The OIE reports this disease as a differential for tuberculosis since the granulomatous, multifocal to coalescing inflammatory process will efface the normal architecture in lymph nodes and lung similar to the pattern encountered in tuberculosis.
Lung: Pneumonia, pyogranulomatous, diffuse, severe with numerous endosporulating yeast,
etiology consistent with Coccidioides spp.
Nearly all conference participants diagnosed pyogranulomatous pneumonia, though a few
participants interpreted some of the histologic lesions as granulomas.Â The moderator discussed the distinguishing
histologic features between granulomas versus granulomatous/pyogranulomatous inflammation; the former are
histologically well-organized and characterized by a central aggregate of epithelioid macrophages surrounded by a
collar of mononuclear leukocytes, principally lymphocytes and occasionally plasma cells; older granulomas may be
bounded by an outer rim of reactive fibroblasts and connective tissue.(8) Granulomatous and pyogranulomatous
inflammation are not characterized by the same level of histologic organization.
Conference participants discussed the typical clinical presentation of Coccidioides immitis infection in the dog and cat.Â Most infections in the dog are pulmonary, with occasional systemic dissemination to multiple organs including bones and the skin.Â Bone infections tend to occur in long bones, and result in both lytic and productive lesions; thus, radiographically, coccidioidal osteomyelitis is included in the differential diagnosis for osteosarcoma.Â In contrast to dogs, the lesions in cats are primarily cutaneous and clinically characterized by multiple draining nodules without underlying bone involvement.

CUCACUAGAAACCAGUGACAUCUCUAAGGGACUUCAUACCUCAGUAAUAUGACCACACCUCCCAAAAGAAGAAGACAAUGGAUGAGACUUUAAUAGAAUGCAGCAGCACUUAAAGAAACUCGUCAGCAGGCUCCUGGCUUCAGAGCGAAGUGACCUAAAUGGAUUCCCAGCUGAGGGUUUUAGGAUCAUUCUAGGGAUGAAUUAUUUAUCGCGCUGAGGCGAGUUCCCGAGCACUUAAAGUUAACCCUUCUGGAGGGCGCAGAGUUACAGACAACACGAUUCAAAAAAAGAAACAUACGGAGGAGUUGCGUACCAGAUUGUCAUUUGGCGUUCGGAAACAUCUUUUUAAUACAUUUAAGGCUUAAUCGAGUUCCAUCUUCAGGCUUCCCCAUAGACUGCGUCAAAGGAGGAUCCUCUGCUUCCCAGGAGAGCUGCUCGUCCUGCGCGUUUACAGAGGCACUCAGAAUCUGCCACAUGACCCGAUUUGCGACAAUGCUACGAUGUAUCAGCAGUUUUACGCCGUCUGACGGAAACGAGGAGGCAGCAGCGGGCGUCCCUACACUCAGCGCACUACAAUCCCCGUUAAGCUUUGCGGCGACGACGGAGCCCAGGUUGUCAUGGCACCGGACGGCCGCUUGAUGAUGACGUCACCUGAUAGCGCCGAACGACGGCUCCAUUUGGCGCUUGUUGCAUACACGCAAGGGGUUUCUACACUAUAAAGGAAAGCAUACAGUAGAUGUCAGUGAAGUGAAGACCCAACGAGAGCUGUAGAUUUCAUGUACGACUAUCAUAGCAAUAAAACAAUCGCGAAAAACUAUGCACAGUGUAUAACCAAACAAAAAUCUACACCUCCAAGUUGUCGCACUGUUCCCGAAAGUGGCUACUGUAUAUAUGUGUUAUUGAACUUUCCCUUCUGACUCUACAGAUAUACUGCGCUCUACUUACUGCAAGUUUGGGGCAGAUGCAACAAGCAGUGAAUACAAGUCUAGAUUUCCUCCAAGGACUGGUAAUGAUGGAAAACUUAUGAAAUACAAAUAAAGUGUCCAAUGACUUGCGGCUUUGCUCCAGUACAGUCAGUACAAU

The moderator shared some experiential histopathologic features of pulmonary blastomycosis, coccidioidomycosis, and cryptococcosis.Â In general, pulmonary blastomycosis tends to be fibrosing; coccidioidomycosis is necrotizing; and cryptococcosis incites very little inflammatory response.
Conference participants also briefly reviewed some of the microorganisms which reproduce via endosporulation, including :
- Coccidioides immitis
- Rhinosporidium seeberi
- Prototheca wickerhamii, P.Â zopfi
- Chlorella spp.
- Batrachochytrium dendrobatidis (chytridiomycosis)
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Domestic Animals.Â 5th ed., vol.Â 2.Â Philadelphia, PA: Elsevier Ltd; 2007:644-645.
2.Â Chandler FW, Watts JC.Â Coccidioidomycosis.Â In: Pathologic Diagnosis of Fungal Infections.Â Chicago, IL: ASCP Press; 1987:13-15.
3.Â Chiller TM, Galgiani JN, Stevens DA.Â Coccidioidomycosis.Â Infect Dis Clin N Am.Â 2003;17:41-57.
4.Â Graupmann-Kuzma A, Valentine BA, Shubitz LF, Dial SM, Watrous B, Tornquist SJ.Â Coccidioidomycosis in dogs and cats: a review.Â J Am Anim Hosp Assoc.Â 2008;44:226-235.
5.Â Greene RT, Troy GC.Â Coccidioidomycosis in 48 cats: a retrospective study (1984-1993). J Vet Intern Med. 1995;9:86-91.
6.Â Greene RT.Â Coccidioidomycosis.Â In: Greene CE, ed.Â Infectious Diseases of Dogs and Cats.Â 2nd ed.Â Philadelphia, PA: WB Saunders Co.; 2002:391-398.
7.Â Kerl ME.Â Update on canine and feline fungal diseases.Â Vet Clin North Am.Â 2003;33:721-747.
8.Â Kumar V, Abbas AK, Fausto N, Aster JC.Â Acute and chronic inflammation.Â In: Kumar V, Abbas AK, Fausto N, Aster JC eds. Robbins and Cotran Pathologic Basis of Disease.Â 8th ed.Â Philadelphia, PA: Elsevier Saunders; 2009:73-74.
9.Â OIE, Center for food Security and Public Health: Coccidioidomycosis.Â http://www.cfsph.iastate.edu/Factsheets/pdfs/coccidioidomycosis.pdf CVM, Iowa State University, Ames, IA, 2004